Although the economy has officially been out of recession for quite some time, those aspects of economic behavior most important to the real estate markets, namely, jobs and borrowing, have remained stuck in the ditch. The latest data suggest, however, that consumers will soon be spending more. Jobs are growing at a faster clip, and consumers have done much repair to their personal finances.
Since the end of 2008, consumers have cut 10 percent off their credit card debt, a very large amount that gets them back to where they were before the real estate boom. With finances at pre-boom levels, consumers will be buying things again, although more cautiously this time around.
Renewed spending is showing up in the retail sector, where jobs at clothing stores were up 4 percent over last year, and jobs at restaurants were up 2 percent.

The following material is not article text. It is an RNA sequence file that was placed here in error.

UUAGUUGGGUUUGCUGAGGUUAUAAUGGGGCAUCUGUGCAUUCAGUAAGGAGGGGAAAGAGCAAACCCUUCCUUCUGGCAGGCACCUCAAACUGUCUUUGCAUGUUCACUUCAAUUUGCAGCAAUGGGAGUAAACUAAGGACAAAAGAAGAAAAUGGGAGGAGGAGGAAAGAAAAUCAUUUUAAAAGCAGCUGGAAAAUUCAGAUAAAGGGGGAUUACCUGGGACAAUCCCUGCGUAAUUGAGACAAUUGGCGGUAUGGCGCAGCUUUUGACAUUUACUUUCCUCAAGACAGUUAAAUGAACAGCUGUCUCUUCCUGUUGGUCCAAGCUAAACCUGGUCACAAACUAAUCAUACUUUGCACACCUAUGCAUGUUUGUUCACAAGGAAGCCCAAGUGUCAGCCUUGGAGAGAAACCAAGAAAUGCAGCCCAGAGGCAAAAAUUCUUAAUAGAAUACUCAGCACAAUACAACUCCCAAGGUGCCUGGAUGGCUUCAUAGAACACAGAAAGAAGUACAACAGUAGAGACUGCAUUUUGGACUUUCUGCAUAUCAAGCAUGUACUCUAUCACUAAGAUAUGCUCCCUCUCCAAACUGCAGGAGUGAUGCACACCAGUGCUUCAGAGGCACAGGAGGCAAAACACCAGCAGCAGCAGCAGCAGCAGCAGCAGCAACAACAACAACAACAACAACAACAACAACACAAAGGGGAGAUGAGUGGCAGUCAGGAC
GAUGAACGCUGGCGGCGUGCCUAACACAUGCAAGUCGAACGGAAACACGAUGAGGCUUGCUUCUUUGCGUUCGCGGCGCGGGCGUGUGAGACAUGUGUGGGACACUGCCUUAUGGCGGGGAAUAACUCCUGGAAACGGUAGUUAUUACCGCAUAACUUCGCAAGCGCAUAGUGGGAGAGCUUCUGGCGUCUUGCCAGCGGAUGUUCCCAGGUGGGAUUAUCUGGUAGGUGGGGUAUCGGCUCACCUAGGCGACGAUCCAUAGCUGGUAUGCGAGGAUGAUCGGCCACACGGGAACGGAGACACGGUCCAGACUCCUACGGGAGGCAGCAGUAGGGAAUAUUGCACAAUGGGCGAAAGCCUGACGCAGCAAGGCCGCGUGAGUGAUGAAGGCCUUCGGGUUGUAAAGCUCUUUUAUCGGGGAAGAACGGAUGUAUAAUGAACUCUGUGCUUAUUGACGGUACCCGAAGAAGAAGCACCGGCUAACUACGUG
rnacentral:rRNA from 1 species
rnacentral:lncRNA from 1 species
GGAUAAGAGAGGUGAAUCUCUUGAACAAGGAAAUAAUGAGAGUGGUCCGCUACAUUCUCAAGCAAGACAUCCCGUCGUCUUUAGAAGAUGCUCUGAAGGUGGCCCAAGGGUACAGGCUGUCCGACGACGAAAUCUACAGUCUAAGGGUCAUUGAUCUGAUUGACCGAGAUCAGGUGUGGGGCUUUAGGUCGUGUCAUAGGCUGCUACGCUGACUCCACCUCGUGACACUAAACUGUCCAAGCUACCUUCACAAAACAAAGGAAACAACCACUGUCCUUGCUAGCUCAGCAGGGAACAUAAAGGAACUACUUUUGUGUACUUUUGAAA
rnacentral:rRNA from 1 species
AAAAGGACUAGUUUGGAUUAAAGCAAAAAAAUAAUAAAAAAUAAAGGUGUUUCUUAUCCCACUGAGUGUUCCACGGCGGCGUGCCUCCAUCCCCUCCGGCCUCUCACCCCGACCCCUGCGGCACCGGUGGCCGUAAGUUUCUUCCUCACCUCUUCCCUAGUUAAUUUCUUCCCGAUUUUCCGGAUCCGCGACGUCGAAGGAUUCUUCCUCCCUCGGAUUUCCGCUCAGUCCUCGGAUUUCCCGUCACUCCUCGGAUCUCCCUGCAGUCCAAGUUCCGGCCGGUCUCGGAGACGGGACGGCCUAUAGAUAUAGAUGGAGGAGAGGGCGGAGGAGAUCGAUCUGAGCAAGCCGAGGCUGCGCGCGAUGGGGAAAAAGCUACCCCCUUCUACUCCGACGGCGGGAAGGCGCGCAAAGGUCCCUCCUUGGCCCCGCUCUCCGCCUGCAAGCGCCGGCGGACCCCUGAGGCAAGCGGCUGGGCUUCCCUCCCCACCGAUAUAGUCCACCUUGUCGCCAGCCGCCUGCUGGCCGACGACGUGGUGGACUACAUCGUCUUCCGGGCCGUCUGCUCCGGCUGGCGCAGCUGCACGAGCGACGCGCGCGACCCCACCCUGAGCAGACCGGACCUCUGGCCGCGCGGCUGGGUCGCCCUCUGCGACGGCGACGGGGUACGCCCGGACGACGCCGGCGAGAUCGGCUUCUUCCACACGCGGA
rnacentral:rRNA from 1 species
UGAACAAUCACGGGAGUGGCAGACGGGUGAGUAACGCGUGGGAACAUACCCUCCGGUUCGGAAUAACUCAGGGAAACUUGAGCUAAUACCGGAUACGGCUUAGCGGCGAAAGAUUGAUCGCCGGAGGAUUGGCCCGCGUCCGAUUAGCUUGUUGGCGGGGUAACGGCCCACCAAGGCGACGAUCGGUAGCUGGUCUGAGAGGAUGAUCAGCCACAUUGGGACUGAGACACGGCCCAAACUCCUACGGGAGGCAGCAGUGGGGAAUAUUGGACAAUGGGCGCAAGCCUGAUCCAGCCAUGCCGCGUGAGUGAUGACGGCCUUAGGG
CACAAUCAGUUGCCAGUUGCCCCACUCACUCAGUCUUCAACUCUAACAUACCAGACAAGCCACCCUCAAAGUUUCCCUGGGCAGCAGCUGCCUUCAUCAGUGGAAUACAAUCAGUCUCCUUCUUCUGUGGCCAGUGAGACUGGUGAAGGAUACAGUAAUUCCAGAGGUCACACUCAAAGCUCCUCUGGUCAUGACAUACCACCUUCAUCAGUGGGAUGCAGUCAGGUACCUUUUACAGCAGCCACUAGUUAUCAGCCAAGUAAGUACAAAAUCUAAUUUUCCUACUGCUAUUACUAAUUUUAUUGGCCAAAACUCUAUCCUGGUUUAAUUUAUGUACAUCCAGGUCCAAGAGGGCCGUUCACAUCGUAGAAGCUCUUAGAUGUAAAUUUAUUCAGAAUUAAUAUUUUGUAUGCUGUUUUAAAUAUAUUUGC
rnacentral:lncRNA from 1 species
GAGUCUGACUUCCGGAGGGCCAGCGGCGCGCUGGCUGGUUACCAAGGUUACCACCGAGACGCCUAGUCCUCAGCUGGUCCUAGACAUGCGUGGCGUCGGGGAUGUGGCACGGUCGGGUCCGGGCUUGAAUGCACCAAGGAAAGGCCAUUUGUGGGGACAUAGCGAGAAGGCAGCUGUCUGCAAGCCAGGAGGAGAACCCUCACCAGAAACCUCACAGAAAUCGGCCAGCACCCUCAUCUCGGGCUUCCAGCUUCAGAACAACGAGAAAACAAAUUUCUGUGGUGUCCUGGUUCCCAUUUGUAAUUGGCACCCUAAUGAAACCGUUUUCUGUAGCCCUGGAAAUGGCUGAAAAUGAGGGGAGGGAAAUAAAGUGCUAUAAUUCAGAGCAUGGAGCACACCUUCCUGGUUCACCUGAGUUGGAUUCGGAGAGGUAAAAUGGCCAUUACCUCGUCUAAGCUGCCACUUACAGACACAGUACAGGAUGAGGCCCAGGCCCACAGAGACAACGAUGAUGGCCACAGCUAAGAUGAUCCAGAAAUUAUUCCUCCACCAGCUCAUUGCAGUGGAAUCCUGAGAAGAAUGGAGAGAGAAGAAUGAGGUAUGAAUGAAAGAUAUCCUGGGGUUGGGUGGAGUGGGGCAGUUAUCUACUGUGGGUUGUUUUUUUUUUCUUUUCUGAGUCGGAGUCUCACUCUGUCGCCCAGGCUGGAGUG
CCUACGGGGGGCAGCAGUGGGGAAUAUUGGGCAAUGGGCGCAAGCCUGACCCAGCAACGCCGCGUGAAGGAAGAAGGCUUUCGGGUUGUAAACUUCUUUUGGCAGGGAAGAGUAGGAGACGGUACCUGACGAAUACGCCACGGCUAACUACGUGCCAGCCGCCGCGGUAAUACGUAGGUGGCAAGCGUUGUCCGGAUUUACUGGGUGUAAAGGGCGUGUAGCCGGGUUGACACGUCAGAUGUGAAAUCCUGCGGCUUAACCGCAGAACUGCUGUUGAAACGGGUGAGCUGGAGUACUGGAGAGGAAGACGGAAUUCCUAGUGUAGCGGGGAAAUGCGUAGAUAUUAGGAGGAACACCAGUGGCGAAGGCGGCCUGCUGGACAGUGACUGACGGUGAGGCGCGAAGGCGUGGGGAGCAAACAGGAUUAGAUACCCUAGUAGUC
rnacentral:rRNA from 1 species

Job gains also continued in manufacturing, health care, and business services, with jobs at temp agencies up a very strong 16 percent. Overall job gains in the past year were almost 1 percent, despite the fact that local governments, with lower tax revenues, cut more positions. If we see total job gains around 1.5 percent in the next few months, home sales will pick up rather smartly.
After falling steadily since 2007, home prices have bottomed out in many local markets. On average, prices were down just 1 percent in the past year. With prices low, mortgage rates low, and consumer finances largely repaired, a much better real estate market can be expected this year.